This week I’m at Webstock, a lovely conference in New Zealand. I’m doing my best to write little blog posts about the amazing presentations. Please forgive any typos, etc. If you’re here too, come write a haiku at Automattic’s booth.
For the last couple of years, Aza Raskin (@aza) has been working on helping bring design to solving health challenges. Solving difficult problems happens by changing how you ask the question. The big meta problem of design is figuring out how to ask the right question.
In 1959, Henry Kramer had a dream that people should be able to fly under their own power. He put up a challenge of 50k pounds to anyone who could build a device for flying a couple meters above the ground between two points. Double the award for someone who flew across the English Channel. No one could solve it.
Paul Maccready in 1977 said that most participants were trying to solve the wrong problem. The real question was “how can you build an airplane to fly under human power that can be repaired in hours?” Other participants would build an airplane in 12 or 18 months, try to fly it once, and it would break. Paul was able to solve the challenge in 8 months by reframing the question.
“Science is in the business of embracing failure because it’s only through failure that we learn.”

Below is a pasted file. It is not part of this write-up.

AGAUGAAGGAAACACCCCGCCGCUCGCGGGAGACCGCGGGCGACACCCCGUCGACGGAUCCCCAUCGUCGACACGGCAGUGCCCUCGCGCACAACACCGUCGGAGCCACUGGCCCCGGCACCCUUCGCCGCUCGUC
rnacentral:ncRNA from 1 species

It’s not about thinking outside the box, because that means there are no constraints. Instead, it’s about figuring out which box to think inside. “Constraints give you permission to think about something smaller.” Architecture provides perfect examples of thinking inside the box because you often have to deal with specific physical requirements:
The origin of the 140 character limit for text messages is also one of constraints. The person who made the determination wrote out everything you might communicate with a typewriter. Then he measured each line.
Creativity comes from constraint, and asking the right question is the most important part of design. Two more important ideas:
- Perceptual scope – How do you see things (to what degree do you see the forest vs. the trees)
- Conceptual scope – How you classify what you see (e.g. of a list, which items are furniture)
On the science of this, you’d look at how obstacles change someone’s perceptual and conceptual scopes. Generally, thinking of challenges as obstacles to overcome makes people think broader and more creatively.
If you encounter a detour on your drive home from work, you’re more likely to pick something new to eat for dinner. Getting out of your habits is very important. Adding an obstacle changes your perceptual scope.